Bernarr Macfadden did hit upon that the body could be deficient in vitamin D and thus could lead to feeling melancholy, this was another term for ‘being depressed’.

His remedy: get outdoors and into the sunlight. His recommendation of heliotherapy from natural sunlight exposure (not the artificial UV type) has natural levels of vitamin D and getting ample time to be outside would help those suffering from depression.

Also, friction baths using a dry towel and massaging it over the body was another example of his many health benefits to increase blood circulation and help rejuvenate the skin. I don’t think this did anything to alleviate depression, but hey, if it works, great. 🙂

And he also gave helpful advice for women and published a book, Power and Beauty of Superb Womanhood, 1901. I still have a copy of this hardback in my storage container of antique books. I really must dig it out and actually read it all the way through. That book contains everything from exercises, hair care, I believe possibly even nail care, but could be wrong about that, diet, etc.

And somewhere in his encyclopedia set he covers that time of the month, again, I’m not sure if the severe mood swings that we women must be cursed– ahem, I mean, deal with are even mentioned, but the word “hormones” entered my vocabulary in 2001 thanks to reading through a set of Bernarr Macfadden books.

Have I been living under a rock all my life? Not exactly. It all depends on how one was raised and brought up. Doesn’t mean they’re a simpleton either. Life itself is full of learning and that doesn’t stop once you’re finished with school. I believe some of the best years of learning is far removed from public school and colleges and its like cheese and fine wine, it gets better with age.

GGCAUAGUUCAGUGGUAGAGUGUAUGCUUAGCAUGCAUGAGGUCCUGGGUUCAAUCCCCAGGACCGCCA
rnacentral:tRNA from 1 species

I would highly advise to avoid Bernarr’s all “milk” diet since milk of today is full of growth hormones and some of it now contains Sorbitol, a sweet-tasting sugar alcohol and it’s also used as a laxative from what I’ve read up on.

Why are they adding sweeteners to milk nowadays?

The standard (rather lame, if you ask me) excuse I heard: “So kids will drink more milk.”

Really? I thought that’s what Nestle Quick and Hershey’s syrup was for.  :/  I was never much of a milk fan myself, not even growing up.

Sorbitol isn’t the least remote ‘healthy’ to be adding in milk if you ask me. Then again it comes as no surprise to me and its just another thing to add to my three mile long list of food additives to avoid. I do, however, buy cheese from time to time so I’m not completely lacking calcium of some form or another and thankfully haven’t detected any unnaturally ‘sweet’ flavor in it yet.